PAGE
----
Reminding myself

Hey readers,

I feel the need to write about my recent lack of content lately.

One reason, but not the most significant reason, is the lack of new ideas, and motivation. Ever since competing my mixing course, I’ve been completely derailed from production, and moved into mixing. This is bad since trying to build a mixing portfolio proves more difficult than I expected. I’m also trying not to get caught in the new trap style rap instrumentals as I believe they’ve been milked enough. I want to present something fresh.


Speaking of fresh, I actually have a few entries drafted but reading them back to myself, it feels like it lacks personality. It really does. I’ve not posted them because I was trying to find “myself” in what I have to offer. It’s true that moving into the digital era of music has concentrated the market with people taking on similar roles however, I still feel it necessary to offer something different from those who already dominate the niche.

Breaking the meta

I’ve been known to constantly “breaking the meta” with the things I do but I would not like solely go around disagreeing with what everyone says just because I see it differently. Some of those people are the reason I’m here today! I’ve tailored my craft around a mixture of their teachings and other opinions/practices of other engineers alike.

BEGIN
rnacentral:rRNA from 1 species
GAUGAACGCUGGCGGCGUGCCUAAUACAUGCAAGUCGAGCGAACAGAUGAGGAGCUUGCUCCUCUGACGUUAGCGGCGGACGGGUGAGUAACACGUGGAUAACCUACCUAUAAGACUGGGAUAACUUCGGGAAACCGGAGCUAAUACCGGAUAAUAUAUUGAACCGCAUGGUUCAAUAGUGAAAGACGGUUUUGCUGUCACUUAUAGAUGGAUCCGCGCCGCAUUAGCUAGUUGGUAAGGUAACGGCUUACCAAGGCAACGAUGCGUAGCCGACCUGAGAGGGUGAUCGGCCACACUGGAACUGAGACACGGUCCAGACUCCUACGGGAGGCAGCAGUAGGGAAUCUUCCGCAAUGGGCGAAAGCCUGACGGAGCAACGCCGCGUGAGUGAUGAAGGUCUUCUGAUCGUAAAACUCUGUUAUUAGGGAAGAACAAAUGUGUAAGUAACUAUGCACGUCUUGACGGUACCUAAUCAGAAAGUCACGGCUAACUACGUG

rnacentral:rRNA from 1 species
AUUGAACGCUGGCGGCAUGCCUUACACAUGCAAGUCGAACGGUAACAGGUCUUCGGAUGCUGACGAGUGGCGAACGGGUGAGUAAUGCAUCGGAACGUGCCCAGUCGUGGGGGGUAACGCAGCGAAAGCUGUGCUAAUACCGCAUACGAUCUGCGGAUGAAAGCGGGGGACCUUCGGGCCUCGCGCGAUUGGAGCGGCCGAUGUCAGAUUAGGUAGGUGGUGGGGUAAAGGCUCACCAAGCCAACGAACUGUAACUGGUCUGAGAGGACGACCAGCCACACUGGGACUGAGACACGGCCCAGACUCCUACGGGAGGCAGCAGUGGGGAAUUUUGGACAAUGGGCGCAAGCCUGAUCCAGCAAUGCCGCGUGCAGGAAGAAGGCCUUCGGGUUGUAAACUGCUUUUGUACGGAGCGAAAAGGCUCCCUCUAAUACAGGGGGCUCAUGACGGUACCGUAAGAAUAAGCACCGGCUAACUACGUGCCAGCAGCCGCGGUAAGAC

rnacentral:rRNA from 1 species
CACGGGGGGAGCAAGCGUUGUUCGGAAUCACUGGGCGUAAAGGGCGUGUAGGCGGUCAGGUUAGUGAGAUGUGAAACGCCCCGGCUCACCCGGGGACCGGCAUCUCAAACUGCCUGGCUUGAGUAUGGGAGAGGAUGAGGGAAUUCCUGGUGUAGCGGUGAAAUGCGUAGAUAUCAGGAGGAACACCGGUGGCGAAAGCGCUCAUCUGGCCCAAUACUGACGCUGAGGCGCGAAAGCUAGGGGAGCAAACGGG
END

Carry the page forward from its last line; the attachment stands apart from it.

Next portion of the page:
In the meantime, I’ll be finding myself, refining my perception of who I am as an engineer.


Pomodoro timer

Pomodoro Pt 1: ‘What it all boils down to’…and what not.

Hello readers! I recently read a blog entry by Lydia Ravenhall, stating the difficulties with staying focused on doing what she loves. Basically put, I felt like this had been a very isolating issue for me, especially looking around and seeing my friends who seemed “less fortunate” than I, moving forward with their lives. Don’t get me wrong though, I am not comparing their lives to mine, but my progress to my goals based on my capabilities.

What does this mean?

I will be starting back from step one into my music production, due to the major lack of motivation, and developing my skills and self discipline through the use of “pomodoro”.

Pomodoro Technique

“The Pomodoro Technique is a time management method developed by Francesco Cirillo in the late 1980s. The technique uses a timer to break down work into intervals traditionally 25 minutes in length, separated by short breaks.”


I first heard of this term late last year during a training called ”Learning how to learn” which I participated in. It seemed very interesting at the time but I haven’t really put it into use with my music.

 …and action!

During the next week, I will be using this technique and I will provide an update on how it goes. Maybe by then I’ll at least have an incomplete piece of music to share.


You can also join me on this quest. Share your progress and let us know how it goes.